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Analysts Examine Security, Rebuilding in Afghanistan

This year has been the most violent in Afghanistan since the Taliban fell, with more than 130 suicide bombings and more than 2,600 dead. Two analysts discuss the security and rebuilding prospects for the country.

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  • JIM LEHRER:

    Judy Woodruff takes the story from there in a discussion that was taped on Friday.

  • JUDY WOODRUFF:

    For more on all this, we turn to Ahmed Rashid, a Pakistani author and journalist based in Lahore. He writes for the International Herald Tribune and the Washington Post. His latest book is "Jihad: The Rise of Militant Islam in Central Asia."

    And Norine MacDonald is the founder and president of the Senlis Council, an international security and development think-thank. She lives and works in southern Afghanistan.

    Thank you both for being with us. And Norine MacDonald, to you first. You heard what General McNeill told Gwen about the state of the security situation in Afghanistan. Does that square with what you know it to be?

  • NORINE MACDONALD, Afghanistan Analyst:

    Absolutely. What we've seen in the last while in southern Afghanistan is a really dramatic deterioration of the situation. The Taliban now control vast, unchallenged portions of southern Afghanistan, district centers, road networks. In some areas, they have radios, and they have clear control over the opium economy there.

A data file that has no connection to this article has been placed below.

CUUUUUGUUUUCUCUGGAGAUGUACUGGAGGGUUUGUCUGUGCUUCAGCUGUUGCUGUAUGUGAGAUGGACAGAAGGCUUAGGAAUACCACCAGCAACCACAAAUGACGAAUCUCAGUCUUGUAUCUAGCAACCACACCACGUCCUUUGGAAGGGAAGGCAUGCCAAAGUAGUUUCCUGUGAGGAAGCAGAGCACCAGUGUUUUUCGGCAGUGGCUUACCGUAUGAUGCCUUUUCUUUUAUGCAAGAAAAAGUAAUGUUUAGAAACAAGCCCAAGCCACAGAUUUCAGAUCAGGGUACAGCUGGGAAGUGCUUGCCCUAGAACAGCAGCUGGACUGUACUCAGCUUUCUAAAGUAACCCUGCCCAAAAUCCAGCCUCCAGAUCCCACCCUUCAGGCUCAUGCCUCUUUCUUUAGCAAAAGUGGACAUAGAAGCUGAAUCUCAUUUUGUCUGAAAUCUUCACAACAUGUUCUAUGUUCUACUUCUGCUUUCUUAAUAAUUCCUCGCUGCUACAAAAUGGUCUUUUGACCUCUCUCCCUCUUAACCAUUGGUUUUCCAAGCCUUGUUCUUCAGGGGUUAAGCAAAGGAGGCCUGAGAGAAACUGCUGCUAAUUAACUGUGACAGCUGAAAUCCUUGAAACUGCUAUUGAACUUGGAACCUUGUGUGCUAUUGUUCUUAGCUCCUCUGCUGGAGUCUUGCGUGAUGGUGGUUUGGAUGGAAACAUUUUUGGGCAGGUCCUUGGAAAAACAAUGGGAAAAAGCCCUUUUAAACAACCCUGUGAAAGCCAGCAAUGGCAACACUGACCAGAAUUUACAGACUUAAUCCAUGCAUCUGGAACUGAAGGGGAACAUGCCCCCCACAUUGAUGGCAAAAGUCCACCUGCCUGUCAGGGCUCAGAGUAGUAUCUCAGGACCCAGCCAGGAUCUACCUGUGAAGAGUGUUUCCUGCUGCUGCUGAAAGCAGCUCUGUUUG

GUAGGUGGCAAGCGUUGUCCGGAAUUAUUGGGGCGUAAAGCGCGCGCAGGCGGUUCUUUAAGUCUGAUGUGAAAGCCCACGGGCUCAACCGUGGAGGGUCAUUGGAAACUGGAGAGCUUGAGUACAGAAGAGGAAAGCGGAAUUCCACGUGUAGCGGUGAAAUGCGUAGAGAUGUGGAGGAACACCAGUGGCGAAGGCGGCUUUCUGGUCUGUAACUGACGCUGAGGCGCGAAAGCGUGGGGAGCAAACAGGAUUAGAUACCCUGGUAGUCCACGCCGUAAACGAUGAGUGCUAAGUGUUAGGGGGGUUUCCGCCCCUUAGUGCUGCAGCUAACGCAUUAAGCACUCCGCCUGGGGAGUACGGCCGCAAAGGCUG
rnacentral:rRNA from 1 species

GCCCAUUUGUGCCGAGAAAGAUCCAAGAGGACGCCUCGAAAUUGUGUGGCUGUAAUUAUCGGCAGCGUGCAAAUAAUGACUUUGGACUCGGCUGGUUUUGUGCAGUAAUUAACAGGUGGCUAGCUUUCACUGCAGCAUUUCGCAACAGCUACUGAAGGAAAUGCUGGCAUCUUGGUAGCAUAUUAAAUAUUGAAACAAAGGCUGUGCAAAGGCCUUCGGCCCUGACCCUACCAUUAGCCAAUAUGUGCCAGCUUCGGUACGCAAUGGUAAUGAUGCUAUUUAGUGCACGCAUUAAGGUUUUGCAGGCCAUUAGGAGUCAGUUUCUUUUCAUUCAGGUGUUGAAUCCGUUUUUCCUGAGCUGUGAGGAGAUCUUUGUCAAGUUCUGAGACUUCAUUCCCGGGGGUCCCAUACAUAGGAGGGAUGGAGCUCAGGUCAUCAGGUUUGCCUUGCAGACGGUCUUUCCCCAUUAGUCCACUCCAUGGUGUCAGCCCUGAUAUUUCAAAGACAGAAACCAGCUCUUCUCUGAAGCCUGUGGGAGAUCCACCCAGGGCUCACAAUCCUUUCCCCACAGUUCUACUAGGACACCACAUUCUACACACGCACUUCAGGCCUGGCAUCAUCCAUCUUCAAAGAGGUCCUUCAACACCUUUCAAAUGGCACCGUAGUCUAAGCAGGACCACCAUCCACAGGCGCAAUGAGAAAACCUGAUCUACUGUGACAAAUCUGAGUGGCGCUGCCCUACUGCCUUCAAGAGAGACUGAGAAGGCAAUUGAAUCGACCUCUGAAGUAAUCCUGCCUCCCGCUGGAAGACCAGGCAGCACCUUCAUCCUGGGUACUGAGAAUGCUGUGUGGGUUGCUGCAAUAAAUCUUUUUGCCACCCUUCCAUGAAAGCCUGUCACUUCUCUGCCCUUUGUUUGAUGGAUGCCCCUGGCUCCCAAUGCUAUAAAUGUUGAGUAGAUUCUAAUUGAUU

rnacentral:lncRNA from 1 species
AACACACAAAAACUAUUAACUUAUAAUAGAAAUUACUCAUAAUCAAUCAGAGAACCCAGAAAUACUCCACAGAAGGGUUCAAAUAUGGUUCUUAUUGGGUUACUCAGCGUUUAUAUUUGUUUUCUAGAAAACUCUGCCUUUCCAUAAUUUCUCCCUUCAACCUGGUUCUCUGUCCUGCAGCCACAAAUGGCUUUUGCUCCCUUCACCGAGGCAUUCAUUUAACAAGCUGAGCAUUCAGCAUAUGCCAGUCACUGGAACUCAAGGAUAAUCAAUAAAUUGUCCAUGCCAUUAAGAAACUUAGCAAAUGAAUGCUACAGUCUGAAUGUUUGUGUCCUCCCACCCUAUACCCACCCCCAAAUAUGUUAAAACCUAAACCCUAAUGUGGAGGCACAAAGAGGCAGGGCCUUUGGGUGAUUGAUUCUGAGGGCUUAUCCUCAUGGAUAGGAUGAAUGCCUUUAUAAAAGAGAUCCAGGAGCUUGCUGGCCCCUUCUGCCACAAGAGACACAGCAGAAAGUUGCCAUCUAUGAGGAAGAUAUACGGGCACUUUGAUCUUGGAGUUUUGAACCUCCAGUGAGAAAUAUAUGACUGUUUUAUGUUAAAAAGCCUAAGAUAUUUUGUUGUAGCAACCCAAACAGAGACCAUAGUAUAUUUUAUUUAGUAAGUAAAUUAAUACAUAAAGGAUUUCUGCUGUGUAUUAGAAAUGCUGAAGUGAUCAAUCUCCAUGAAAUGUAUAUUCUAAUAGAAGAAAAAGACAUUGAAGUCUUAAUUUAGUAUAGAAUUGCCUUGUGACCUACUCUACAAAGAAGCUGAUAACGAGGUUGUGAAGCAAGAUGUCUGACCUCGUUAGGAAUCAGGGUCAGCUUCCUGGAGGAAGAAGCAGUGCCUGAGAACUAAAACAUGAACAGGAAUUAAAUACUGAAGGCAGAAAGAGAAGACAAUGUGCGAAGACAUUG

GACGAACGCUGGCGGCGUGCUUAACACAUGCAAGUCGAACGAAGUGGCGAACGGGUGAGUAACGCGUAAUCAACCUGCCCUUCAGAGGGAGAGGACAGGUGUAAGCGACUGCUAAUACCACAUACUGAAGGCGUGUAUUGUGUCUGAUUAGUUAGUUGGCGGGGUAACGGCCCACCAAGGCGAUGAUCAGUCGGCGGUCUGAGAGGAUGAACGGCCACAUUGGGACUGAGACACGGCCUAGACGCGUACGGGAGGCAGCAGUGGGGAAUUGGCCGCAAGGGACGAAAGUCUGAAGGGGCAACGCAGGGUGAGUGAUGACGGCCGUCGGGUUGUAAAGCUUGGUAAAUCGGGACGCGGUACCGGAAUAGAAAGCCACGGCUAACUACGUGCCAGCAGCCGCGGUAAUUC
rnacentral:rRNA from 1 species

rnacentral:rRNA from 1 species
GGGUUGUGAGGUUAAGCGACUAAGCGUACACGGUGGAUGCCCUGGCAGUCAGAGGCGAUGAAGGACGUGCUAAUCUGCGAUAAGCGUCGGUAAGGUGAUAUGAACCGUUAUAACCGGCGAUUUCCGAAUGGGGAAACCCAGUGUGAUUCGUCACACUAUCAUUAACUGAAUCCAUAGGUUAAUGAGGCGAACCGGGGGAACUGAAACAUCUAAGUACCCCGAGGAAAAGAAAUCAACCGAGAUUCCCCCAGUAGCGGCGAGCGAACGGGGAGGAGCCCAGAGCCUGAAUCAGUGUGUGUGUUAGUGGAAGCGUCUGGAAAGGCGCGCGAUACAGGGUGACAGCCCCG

So we've really seen a situation where we're calling on NATO to double their troops, the NATO countries to double their troops on the ground in southern Afghanistan and, in fact, to start moving into Pakistan to get at the al-Qaida and Taliban bases in Pakistan.

  • JUDY WOODRUFF:

    Mr. Rashid, how do you see the security situation in Afghanistan?

  • AHMED RASHID, Journalist-Author:

    I think the security situation has deteriorated enormously. The Taliban this year have adapted different tactics from last year, and that has bamboozled NATO, in a way. We've got far more suicide bombings, roadside bombings, and attempts to capture remote district towns. And some of these have been very successful.

    And I think the main problem that NATO is now facing is that they're not able or they haven't yet devised a way in which how, in the midst of an insurgency, you can carry out development and reconstruction work. The point is that the war is going on, but not sufficient development work is going on. And how do you do this?